I wrote about this movie in late July when the star of Exit: The Appeal of Suicide Ray Comfort appeared on the David Barton’s Wallbuilders Live show. I didn’t think highly of what they had to say about depression at the time but withheld judgment about the movie because I hadn’t seen it. I watched it recently and cannot recommend it. On balance, I don’t believe it is a helpful movie about suicide or something I can recommend for those who might be contemplating suicide.
The first thing a viewer sees is the image above. The movie never identifies the “many experts” or provides any evidence for their alleged belief that the vast majority of cases aren’t organic. In fact, some cases are probably not organic but the cutting edge of research into depression involves genetics, neuroscience and adaptation. The adaptation aspect of the picture does involve experience but the prevailing view is that depression is the result of many factors operating differently for different people (source). For many people, depression arises without warning or environmental trigger.
However, for the most part, Comfort and crew ignore all of that. Comfort converses with several depressed college students and eventually turns the conversation to their sinfulness in an effort to get them to convert to his approach to Christianity. I say “his approach” because a couple of the students seemed to have some religious background. However, they didn’t answer Comfort’s questions according to his liking and he persisted in pressing for a conversion.
I had planned to review this movie more extensively. However, after watching it, I don’t see the point. Comfort’s answer to depression and suicide is for the depressed person to get saved. If depressed Christians watched this movie, I don’t know what they would come away with. I suspect many Christians watching this movie will question their faith at just the time they need it. I can’t see how that would be helpful.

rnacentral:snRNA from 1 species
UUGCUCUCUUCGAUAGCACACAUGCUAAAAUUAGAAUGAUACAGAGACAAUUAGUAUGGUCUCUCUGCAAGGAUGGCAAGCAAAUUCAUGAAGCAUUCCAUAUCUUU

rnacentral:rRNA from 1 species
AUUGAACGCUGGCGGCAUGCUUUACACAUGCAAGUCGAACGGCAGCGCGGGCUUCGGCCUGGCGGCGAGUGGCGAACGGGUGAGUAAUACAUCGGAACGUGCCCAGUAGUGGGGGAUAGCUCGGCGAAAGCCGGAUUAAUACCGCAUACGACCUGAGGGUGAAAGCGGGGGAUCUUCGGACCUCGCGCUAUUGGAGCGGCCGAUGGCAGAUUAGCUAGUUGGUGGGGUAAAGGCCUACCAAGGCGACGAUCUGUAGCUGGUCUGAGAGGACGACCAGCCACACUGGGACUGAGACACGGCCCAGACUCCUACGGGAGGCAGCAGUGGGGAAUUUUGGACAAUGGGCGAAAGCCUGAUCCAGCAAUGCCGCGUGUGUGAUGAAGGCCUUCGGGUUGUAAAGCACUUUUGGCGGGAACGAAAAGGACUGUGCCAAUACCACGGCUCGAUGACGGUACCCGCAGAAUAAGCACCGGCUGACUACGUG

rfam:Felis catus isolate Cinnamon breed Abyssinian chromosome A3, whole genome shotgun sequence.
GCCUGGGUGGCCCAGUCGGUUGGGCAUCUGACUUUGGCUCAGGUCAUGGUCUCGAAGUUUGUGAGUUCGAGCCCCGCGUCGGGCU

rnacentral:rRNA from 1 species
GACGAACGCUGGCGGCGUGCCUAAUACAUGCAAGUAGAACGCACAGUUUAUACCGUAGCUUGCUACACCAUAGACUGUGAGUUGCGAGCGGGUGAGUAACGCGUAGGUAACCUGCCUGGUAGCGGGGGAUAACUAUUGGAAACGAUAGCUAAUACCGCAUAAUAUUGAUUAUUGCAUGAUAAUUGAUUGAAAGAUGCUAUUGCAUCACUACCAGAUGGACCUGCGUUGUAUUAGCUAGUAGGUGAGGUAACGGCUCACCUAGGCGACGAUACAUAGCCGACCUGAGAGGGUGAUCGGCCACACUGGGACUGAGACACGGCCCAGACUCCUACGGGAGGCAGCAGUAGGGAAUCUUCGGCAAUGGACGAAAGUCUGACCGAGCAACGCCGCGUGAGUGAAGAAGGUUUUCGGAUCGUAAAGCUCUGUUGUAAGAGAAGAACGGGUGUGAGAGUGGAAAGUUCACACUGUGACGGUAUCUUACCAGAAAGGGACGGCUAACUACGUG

An Evangelism Tool
In the end, this movie is an evangelism tool. Comfort wants to make converts and he has used depression and suicide to set the stage for his evangelism pitch. In the end, Comfort and crew offer disclaimers and offer an option to call the National Suicide Prevention Lifeline (800-273-8255). However, the message had already been made very clear. The answer for depression is to become a Christian the Ray Comfort way.
I suspect Comfort and his mates mean well. They don’t want people to hurt or be depressed and I suspect they really believe that Christian salvation is required to be free of depression. However, this is an inadequate assessment of the situation.
Although depression is multi-faceted and for some might be improved by making a spiritual commitment, this is not the case for many others. Devout Christians experience depression without any obvious triggers. For some, their moods simply do not follow a normal course of regulation. Their lows are too low and/or their highs too high. While Christian salvation might help them feel more grounded and connect them to the supernatural, it won’t touch the causes of their mood disorder. Having Christians tell them to pray harder or accept Christ more sincerely is unhelpful and may indeed cause such despair that the efforts become harmful.
Because this movie so badly misses the mark, I can’t recommend it.